If you’re a regular reader of this space, you know I’ve spent much of 2021 showering superlatives upon the likes of Colton Herta and Alex Palou. So, in the aftermath of Herta winning this past weekend’s Acura Grand Prix of Long Beach, and Palou clinching his first IndyCar championship, I’m not going to spend too much time rehashing words I’ve already written. That said, I do think there were noteworthy items to come out of Long Beach for two of IndyCar’s youngest standouts.
Starting with Herta, his M.O. thus far largely been qualify on pole, get the lead, keep the lead, win the race. While he benefited from some timely caution to win his first race at COTA, Herta’s next 4 wins were all pole, dominate the race, go to victory lane. Sunday, Herta showed another weapon in his arsenal so to speak.
After qualifying 14th, it was believed that a win might be a bridge too far on the historically difficult-to-pass Long Beach circuit. Not so.
By lap 33, after everyone had made their first pit stop, the driver of the No. 26 Gainbridge Honda found himself leading the race. Sure, he took advantage of an incident between Patricio O’Ward and Ed Jones to make up a couple spots. Yes, Herta starting on Red Alternate tires turned out to be the optimal strategy. And yes, three caution periods in the first 30 laps kept the field close and probably helped Herta charging to the front.
But make no mistake: the biggest factor in Herta getting to the front was Herta himself. And if Colton Herta can add “charge from the middle of the pack to the race lead” into his already impressive repertoire of weapons, he is going to be major headache for the IndyCar field for years to come.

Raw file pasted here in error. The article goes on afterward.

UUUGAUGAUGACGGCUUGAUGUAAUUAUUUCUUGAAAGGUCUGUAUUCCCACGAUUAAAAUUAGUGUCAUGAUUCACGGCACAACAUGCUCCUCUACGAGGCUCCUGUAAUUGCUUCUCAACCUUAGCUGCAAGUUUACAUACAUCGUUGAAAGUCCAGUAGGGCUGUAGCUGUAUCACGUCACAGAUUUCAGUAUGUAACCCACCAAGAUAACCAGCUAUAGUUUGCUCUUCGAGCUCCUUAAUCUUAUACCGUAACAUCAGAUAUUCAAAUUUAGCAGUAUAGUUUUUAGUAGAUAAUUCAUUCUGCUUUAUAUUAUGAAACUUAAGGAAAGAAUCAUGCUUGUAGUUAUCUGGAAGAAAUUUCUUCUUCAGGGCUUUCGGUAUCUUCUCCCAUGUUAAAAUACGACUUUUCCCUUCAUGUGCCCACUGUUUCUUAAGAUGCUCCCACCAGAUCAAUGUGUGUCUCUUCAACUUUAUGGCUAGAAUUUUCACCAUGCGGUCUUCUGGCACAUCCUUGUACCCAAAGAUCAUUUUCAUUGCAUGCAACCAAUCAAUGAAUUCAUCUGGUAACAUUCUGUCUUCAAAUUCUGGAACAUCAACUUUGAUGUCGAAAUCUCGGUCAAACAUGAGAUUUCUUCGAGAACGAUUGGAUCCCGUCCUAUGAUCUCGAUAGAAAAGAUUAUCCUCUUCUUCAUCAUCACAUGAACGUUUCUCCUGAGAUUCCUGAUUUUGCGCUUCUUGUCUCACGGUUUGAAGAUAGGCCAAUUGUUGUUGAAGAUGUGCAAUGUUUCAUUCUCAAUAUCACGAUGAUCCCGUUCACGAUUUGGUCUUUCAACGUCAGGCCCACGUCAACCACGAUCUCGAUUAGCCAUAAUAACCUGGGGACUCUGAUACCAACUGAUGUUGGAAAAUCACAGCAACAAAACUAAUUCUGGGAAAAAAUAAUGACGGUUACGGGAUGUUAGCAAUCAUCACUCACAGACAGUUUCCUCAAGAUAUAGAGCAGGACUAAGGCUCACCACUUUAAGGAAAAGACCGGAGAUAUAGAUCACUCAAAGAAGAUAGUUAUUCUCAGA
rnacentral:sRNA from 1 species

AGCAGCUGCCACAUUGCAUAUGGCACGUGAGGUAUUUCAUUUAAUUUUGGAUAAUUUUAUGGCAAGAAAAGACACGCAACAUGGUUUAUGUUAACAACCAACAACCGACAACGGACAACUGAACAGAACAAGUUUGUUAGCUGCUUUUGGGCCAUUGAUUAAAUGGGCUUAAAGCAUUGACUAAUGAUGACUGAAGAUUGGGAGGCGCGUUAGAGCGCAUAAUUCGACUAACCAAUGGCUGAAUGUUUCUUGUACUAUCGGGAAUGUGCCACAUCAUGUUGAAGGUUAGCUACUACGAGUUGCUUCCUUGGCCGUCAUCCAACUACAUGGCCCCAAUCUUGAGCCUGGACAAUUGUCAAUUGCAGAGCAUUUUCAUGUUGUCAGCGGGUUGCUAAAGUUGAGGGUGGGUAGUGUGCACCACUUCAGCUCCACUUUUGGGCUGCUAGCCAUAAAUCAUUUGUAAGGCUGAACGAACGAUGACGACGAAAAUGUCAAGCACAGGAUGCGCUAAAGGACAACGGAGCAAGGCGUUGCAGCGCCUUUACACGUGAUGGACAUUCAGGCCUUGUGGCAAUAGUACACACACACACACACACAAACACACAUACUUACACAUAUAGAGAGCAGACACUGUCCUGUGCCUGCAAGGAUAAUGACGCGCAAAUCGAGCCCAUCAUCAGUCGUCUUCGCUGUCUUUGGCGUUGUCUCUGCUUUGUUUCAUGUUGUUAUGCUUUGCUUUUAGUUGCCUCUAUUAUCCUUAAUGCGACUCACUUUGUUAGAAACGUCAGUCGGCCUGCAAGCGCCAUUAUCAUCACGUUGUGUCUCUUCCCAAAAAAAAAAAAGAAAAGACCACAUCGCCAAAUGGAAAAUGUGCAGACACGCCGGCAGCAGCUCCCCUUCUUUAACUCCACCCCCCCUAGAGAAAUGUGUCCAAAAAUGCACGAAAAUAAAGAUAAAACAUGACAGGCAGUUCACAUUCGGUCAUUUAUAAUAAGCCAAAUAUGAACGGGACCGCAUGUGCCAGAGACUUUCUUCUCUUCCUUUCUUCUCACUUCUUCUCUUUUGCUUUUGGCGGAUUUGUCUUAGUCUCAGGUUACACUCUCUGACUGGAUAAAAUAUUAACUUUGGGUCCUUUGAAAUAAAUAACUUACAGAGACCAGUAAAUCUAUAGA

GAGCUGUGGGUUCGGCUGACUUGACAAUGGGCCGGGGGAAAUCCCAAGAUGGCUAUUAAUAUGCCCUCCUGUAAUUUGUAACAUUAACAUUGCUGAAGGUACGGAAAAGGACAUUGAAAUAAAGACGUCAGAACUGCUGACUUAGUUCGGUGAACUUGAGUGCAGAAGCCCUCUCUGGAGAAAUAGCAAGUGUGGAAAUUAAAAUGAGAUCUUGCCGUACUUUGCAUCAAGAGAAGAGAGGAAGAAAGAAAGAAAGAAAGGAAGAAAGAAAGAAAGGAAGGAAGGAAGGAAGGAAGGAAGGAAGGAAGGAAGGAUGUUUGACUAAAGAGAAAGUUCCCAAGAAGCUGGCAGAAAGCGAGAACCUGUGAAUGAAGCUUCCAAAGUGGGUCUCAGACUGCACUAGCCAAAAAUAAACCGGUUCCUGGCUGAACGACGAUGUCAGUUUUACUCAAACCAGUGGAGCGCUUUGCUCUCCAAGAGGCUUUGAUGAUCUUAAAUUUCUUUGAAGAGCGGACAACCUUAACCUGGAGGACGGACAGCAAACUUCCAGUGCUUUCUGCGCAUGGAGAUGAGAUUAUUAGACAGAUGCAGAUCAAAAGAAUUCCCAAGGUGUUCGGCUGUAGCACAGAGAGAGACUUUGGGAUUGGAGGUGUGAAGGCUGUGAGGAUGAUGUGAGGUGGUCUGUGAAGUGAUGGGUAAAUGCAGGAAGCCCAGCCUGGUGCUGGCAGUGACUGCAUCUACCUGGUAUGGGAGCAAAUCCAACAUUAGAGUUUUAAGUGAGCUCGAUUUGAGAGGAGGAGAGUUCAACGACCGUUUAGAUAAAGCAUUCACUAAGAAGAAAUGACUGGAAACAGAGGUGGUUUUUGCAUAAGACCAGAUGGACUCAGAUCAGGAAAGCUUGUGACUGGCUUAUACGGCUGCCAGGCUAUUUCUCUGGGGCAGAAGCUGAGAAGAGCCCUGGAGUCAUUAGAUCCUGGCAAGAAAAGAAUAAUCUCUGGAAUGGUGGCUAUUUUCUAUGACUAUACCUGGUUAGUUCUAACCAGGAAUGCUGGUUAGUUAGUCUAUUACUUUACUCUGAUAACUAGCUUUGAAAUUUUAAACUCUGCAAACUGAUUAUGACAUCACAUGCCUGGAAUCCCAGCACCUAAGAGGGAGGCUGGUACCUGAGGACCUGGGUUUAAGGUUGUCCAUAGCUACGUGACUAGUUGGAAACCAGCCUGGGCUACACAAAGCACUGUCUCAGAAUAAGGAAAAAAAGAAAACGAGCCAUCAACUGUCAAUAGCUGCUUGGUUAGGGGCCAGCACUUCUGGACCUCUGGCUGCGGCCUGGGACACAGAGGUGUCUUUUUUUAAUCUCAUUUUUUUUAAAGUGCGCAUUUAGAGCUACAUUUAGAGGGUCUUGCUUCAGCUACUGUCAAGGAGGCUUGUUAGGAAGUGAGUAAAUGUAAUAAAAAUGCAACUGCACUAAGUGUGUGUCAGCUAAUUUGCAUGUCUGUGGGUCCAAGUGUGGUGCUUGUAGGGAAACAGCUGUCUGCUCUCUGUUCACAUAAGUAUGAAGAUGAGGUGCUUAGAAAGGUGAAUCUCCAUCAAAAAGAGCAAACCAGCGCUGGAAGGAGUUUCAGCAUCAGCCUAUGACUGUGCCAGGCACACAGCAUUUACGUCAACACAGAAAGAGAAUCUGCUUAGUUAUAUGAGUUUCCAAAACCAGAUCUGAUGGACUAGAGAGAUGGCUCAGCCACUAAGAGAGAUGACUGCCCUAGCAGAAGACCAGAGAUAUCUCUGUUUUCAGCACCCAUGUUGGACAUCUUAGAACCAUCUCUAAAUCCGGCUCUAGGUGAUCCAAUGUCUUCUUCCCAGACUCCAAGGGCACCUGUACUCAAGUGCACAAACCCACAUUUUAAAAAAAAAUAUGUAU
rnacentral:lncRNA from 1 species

Of course, Alex Palou spent much of this season causing headaches for the competition. Sunday Palou did exactly what Alex Palou has done all year and maximized his potential result with a fourth-place finish. And for me, the story wasn’t so much that Palou won the title, rather what it signifies for Ganassi going forward.
Remember, on his own volition, Felix Rosenqvist vacated the No. 10 CGR Honda last year in favor of a move to Arrow McLaren SP. And given the results of the No. 10 since Dario Franchitti retired following the 2013 season, Rosenqvist’s move wasn’t all that crazy. The No. 10 had won only twice since Franchitti left the team, and from the outside, it seemed Ganassi had become a one-horse stable with only Scott Dixon able to thrive.
Well, Alex Palou put that theory to bed in 2021.
Another thing Palou has done in the last year is secured Ganassi’s future. While I’m not putting Dixon in a retirement home yet, a year ago at this time, Ganassi had nobody on the radar as a potential long-term replacement for Dixon. At 24, Palou seems to have exactly what it takes to be Team Ganassi’s 15-year Face of the Franchise a la Dixon. So, for me, Palou’s championship is not merely about another title for Ganassi; rather the big story of 2021 is Ganassi has THE GUY for the next decade-and-a-half.
After being endlessly being tormented by Dixon – and for a few years Franchitti – in Ganassi cars over the past two decades, is it crazy to think that Roger Penske will make a move for Palou at some point? Penske did state numerous times over the years that he would have been interested in Dixon had he ever become available. For whatever reason that never happened, but I presume the two parties spoke to some degree at some point.